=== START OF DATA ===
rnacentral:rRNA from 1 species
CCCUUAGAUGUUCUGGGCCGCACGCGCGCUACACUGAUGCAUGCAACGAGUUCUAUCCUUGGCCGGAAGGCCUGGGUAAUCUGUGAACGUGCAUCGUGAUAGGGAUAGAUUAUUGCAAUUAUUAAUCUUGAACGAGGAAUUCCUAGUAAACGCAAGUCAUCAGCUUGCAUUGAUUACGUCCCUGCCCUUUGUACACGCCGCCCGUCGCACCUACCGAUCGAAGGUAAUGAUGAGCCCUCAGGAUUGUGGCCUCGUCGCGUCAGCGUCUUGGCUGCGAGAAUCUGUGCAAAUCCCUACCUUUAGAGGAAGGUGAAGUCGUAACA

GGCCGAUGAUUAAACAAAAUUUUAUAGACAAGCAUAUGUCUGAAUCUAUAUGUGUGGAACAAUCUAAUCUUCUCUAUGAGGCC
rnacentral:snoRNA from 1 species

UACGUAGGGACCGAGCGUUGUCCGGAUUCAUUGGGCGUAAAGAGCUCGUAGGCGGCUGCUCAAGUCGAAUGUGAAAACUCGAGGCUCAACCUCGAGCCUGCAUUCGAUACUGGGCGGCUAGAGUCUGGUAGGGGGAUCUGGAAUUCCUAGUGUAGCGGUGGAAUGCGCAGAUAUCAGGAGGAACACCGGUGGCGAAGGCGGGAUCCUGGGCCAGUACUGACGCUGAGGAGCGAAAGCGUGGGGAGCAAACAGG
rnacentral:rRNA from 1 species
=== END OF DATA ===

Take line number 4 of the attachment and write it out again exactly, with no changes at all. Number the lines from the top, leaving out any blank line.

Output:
rnacentral:snoRNA from 1 species